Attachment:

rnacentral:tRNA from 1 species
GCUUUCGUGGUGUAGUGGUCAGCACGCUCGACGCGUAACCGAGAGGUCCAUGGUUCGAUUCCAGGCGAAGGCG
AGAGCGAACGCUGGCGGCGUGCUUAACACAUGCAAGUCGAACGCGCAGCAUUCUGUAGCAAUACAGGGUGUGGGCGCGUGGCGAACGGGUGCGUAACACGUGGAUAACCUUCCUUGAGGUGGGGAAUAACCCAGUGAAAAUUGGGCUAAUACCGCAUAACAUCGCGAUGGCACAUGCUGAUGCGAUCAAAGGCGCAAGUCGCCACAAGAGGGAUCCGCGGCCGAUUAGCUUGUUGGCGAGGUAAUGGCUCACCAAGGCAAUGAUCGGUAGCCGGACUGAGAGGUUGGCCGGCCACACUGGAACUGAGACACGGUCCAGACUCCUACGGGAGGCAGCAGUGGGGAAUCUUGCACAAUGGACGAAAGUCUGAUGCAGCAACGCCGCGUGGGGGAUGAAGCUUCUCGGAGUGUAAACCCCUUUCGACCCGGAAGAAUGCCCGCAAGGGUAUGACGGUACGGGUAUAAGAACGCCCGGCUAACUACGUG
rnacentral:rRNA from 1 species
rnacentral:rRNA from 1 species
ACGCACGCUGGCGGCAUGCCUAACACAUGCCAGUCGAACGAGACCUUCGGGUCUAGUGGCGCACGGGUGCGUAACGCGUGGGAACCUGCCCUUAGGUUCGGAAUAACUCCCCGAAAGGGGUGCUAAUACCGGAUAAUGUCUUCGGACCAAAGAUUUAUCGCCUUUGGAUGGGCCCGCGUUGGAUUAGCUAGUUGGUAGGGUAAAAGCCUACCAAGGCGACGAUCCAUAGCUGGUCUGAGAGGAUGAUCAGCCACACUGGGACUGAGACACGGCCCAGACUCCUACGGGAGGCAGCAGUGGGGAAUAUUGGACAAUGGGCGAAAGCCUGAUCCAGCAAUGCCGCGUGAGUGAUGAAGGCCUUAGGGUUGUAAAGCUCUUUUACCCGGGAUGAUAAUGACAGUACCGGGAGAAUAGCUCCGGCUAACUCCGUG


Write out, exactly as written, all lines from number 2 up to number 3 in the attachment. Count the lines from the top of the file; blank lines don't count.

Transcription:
GCUUUCGUGGUGUAGUGGUCAGCACGCUCGACGCGUAACCGAGAGGUCCAUGGUUCGAUUCCAGGCGAAGGCG
AGAGCGAACGCUGGCGGCGUGCUUAACACAUGCAAGUCGAACGCGCAGCAUUCUGUAGCAAUACAGGGUGUGGGCGCGUGGCGAACGGGUGCGUAACACGUGGAUAACCUUCCUUGAGGUGGGGAAUAACCCAGUGAAAAUUGGGCUAAUACCGCAUAACAUCGCGAUGGCACAUGCUGAUGCGAUCAAAGGCGCAAGUCGCCACAAGAGGGAUCCGCGGCCGAUUAGCUUGUUGGCGAGGUAAUGGCUCACCAAGGCAAUGAUCGGUAGCCGGACUGAGAGGUUGGCCGGCCACACUGGAACUGAGACACGGUCCAGACUCCUACGGGAGGCAGCAGUGGGGAAUCUUGCACAAUGGACGAAAGUCUGAUGCAGCAACGCCGCGUGGGGGAUGAAGCUUCUCGGAGUGUAAACCCCUUUCGACCCGGAAGAAUGCCCGCAAGGGUAUGACGGUACGGGUAUAAGAACGCCCGGCUAACUACGUG